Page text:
Job title: MD/Master of Science Student, University of Calgary; Co-Founder and Co-Director, MicroMalaria Project Ltd.
Why she’s a 2014 Top 40:
Ann Zalucky is pursuing both a master’s degree and a medical doctorate, researching and presenting findings on kidney disease and running the MicroMalaria Project, which she co-founded to help prevent the spread of malaria in sub-Saharan Africa.
At 23, Ann Zalucky has published papers in medical journals, given speeches at several research conferences, garnered numerous grants and scholarships, founded an organization to combat malaria and is currently working on a master’s and medical doctorate at the University of Calgary.
Considering her accomplishments in medicine, it’s hard to believe there was a time in her second year of university when Zalucky almost majored in the arts. “I wanted to drop out of science and take poetry,” she says. “I was so bogged down, and I didn’t care too much about science.”
The night she was considering switching majors, Zalucky received an e-mail letting her know she’d been accepted for a prestigious summer research scholarship program at the U of C that, it turned out, would reignite her love of science.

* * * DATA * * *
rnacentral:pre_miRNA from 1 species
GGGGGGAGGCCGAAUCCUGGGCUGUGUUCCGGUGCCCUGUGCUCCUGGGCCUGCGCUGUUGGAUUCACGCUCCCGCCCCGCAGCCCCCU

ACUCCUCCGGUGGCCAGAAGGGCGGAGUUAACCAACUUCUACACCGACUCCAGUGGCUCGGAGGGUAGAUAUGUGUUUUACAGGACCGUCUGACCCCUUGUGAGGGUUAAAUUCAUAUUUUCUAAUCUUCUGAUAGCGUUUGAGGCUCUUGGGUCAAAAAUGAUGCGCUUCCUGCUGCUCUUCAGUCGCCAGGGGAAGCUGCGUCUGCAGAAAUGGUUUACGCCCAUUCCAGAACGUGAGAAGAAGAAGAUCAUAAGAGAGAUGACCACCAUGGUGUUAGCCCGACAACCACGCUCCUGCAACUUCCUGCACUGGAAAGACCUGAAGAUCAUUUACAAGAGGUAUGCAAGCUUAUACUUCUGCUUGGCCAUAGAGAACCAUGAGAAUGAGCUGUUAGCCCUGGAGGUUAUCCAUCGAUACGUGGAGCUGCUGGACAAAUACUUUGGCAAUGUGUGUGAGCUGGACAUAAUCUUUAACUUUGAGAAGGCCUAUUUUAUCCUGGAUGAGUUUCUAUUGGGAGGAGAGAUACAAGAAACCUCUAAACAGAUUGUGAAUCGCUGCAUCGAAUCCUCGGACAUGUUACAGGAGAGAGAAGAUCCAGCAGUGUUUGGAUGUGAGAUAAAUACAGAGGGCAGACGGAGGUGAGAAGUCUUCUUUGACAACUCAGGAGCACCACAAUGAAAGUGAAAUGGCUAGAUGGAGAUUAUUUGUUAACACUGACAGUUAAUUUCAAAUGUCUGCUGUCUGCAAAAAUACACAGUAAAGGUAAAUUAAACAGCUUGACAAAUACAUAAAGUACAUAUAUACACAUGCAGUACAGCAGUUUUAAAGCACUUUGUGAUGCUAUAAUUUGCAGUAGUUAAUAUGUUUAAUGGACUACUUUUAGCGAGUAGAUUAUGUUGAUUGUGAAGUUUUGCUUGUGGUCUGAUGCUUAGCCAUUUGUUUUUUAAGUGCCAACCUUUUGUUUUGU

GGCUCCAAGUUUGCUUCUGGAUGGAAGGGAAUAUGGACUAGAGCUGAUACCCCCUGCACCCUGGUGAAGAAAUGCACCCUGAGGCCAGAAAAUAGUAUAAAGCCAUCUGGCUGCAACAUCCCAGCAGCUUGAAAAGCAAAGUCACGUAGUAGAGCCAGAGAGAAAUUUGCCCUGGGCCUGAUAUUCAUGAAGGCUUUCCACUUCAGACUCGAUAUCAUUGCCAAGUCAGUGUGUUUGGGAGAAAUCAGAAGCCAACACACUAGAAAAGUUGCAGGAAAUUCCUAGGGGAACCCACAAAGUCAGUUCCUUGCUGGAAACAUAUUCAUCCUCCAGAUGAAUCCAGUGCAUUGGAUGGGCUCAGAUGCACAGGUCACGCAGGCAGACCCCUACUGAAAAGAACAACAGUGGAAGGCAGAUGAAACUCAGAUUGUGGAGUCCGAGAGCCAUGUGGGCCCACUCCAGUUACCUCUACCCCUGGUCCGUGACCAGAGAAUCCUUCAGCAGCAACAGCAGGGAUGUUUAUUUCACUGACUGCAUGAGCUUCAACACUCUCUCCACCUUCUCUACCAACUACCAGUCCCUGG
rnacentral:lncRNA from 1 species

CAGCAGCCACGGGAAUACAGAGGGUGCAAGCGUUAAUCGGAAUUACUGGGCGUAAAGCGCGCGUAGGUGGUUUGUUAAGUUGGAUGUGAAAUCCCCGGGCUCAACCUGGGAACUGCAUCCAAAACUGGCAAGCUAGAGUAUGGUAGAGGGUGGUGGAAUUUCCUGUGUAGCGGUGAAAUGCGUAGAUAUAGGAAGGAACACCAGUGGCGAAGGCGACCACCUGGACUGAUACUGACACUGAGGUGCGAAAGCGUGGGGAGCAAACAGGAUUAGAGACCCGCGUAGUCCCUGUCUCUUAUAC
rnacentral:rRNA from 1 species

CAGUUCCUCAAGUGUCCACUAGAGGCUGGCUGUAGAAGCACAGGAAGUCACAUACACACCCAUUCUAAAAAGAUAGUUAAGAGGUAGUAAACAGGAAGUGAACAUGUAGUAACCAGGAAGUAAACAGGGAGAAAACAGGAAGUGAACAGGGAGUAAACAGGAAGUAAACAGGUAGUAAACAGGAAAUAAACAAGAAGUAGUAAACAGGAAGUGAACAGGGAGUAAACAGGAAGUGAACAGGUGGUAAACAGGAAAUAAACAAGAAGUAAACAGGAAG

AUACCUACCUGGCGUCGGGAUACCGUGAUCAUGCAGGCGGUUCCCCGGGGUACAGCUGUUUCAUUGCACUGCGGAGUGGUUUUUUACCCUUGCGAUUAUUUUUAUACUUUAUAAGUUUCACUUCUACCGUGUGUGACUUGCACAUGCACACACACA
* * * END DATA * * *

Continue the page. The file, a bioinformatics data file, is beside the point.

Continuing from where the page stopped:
During that summer’s research, she had read a paper about oxygen and the kidneys, so, when a post-doctoral scholar at the lab offered to show her how to perform ultrasounds, she asked if it was possible to ultrasound kidneys. A few days later, the professor came back with the idea to ultrasound the kidneys of people with breathing difficulties to observe the effects it might be having on their organs.
This gave Zalucky an idea for a research project that looked at how obesity and sleep-disordered breathing affected kidney health, two previously unconnected areas of study. Her published research resulted in invitations to speak about her findings at conferences in San Diego, Philadelphia and Edmonton.
Zalucky has her fingers in many pies, not all of them kidney.
She is also the co-founder and co-director of the MicroMalaria Project, a non-profit organization that works to prevent malaria in sub-Saharan Africa. This endeavour came about when she and a partner signed up for the Haskayne School of Business‘s Global Entrepreneurship Innovation Challenge. When their idea won first place, it seemed only natural to turn it into a reality.
Nearly half the world’s population is at risk of contracting malaria, a disease transmitted by infected mosquitoes. The MicroMalaria Project, though still in its infancy, has developed three mosquito net prototypes to prevent infection and address flaws in nets currently in use, such as the use of hook suspension when many people live in housing without anywhere to hang nets.
How does she manage it all? “Perseverance,” she says. “The successes are so few and far between. You fail almost every step of the way. Being able to see your failure as an opportunity to grow or an opportunity to be better is the reason I think I’ve been successful.” –Andrew Guilbert